An overview of Jacked Structure Techniques - Pt. 1
Nov 10, 2010
Where one form of traffic (people, cars or trains) have to intersect and cross existing highways or rail tracks, this creates a hazardous situation. Inevitably even with all the safety measures such as barriers, traffic lights at junctions and crossings there are still an unacceptable number of accidents with injuries and deaths. At best such intersecting traffic streams result in delays and congestion. The segregation of various forms of traffic one from another is going to be even higher priority as our roads and rail tracks carry ever more traffic.
The development of horizontal construction methods for subways, underpasses and other underground structures based on jacking techniques was initially pioneered in the sixties and seventies by the author and others in a number of countries.
Three main approaches were used and are still find use today:
- Box Jacking
- Advanced Support Structures
- Modular Jacking
These techniques and applications are described in this first review. The second part will look at some of the new developments.
Box JackingThe most basic approach, which is still widely used, is box jacking where the box structure is constructed on a launch pad adjacent to where it is to be installed and is jacked into the ground with excavation taking place in the shield. The graphic at Fig 1 illustrates the concept.
Many installations have been undertaken under roads, rail tracks and runways. Fig 2 gives some idea of the size and the large number of hydraulic rams that are used. This structure weighed 8,500 tonnes was 10m wide and 25m wide and requiring up to 14,500 tonnes of jacking force to install over a length of 37m.
One variation developed in Italy used below rail tracks is based on installing a supporting grid to the tracks during short possessions. The box is designed to directly slide beneath the grid picking up the load as it is jacked under the tracks. The support strapping system and a completed underpass are illustrated in figs 3 and 4.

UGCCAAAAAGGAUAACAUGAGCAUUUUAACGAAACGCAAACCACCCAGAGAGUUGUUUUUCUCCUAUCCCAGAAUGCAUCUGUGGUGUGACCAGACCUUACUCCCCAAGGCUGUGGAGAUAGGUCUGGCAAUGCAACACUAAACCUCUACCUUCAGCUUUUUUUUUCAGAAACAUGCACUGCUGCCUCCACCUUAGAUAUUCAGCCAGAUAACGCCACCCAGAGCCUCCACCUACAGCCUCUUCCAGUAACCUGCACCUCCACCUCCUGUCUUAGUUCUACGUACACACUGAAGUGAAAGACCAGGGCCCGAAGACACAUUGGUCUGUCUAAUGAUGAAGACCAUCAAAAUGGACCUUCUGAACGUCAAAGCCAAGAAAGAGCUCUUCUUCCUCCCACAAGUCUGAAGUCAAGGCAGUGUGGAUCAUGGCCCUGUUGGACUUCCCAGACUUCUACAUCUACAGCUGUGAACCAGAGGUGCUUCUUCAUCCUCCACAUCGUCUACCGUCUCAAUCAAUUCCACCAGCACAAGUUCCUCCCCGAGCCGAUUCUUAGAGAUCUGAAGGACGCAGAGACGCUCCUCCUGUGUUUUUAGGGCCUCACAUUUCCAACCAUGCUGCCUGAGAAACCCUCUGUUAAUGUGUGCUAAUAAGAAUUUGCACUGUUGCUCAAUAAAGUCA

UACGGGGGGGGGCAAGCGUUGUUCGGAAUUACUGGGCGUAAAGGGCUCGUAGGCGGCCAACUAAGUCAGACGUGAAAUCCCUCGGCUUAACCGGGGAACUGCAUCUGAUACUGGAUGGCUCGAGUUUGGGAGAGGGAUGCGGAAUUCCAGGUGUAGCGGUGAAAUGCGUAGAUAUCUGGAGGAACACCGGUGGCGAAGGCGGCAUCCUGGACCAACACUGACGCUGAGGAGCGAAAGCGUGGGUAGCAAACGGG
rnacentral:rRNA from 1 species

The reality for all these systems is that however good the design and execution some small amount of settlement will still occur due to the over-break and soil consolidation. This does not occur suddenly but relatively slowly. For rail tracks on a ballast bed this can be can be compensated by track fettling of the bed.
This widely used approach has some limitations including:
- Limitations of size and drive length due to the high jacking loads involved
- Very large exposed face which may be difficult to control where soils are not ideal
- Constructing the box adjacent to the tracks requires a large launch pad area with a minimum length greater than the length of drive.
- The large jacking forces involved require substantial reaction arrangements
- If a box starts to go out of level it is difficult if not impossible to make corrections
Advanced Support StructuresThis technique is based on the provision of advanced support structures where a canopy is installed as a initial support to allow the construction of the final structure. Typical approaches are shown in the graphic at Figure 5. The steel tubes which form the canopies can be installed by pipe ramming, micro-tunneling or auger boring.
In this case the tubes were installed using pilot boring techniques. Microtunnelling, auger boring and pipe ramming have all been used for the installation of the canopy tubes. Once the canopy is in place excavation can progress in stages installing framing to the tubes to provide structural support. Once excavated and supported the final stage is the installation in-situ of the structural concrete walls and roof together with the road construction.
Modular JackingIn recognition of some of the limitations the author when working for a major contractor in UK in the seventies developed and patented the modular method. The concept illustrated in Figure 7 is to create a support or foundation structure such as bridge abutments using interlinked pre-cast components which are jacked into position horizontally. Normally the final deck to the bridge is placed in a very limited occupation from the surface. The deck beams are placed on the structure that has been formed below the occupation and disruption is minimal. Final excavation of an underpass after placing the beams on the supports of course can be undertaken mechanically without any special measures as the structure is in place. A typical example would be an under bridge with abutments and central pier. The disturbance to traffic on the existing road or track is minimal. The system has the advantage that relatively small modular units are being jacked so temporary working space and jacking capacity required is lower than that required for larger boxes.
During a short track possession the bridge deck can be slid-in or bridge beams placed to complete the structure. A large number of such jobs have been undertaken in UK. A typical installation is the Wandsworth under-bridge shown at Fig 6.
In part 2 of this review the author will describe some new developments and techniques...
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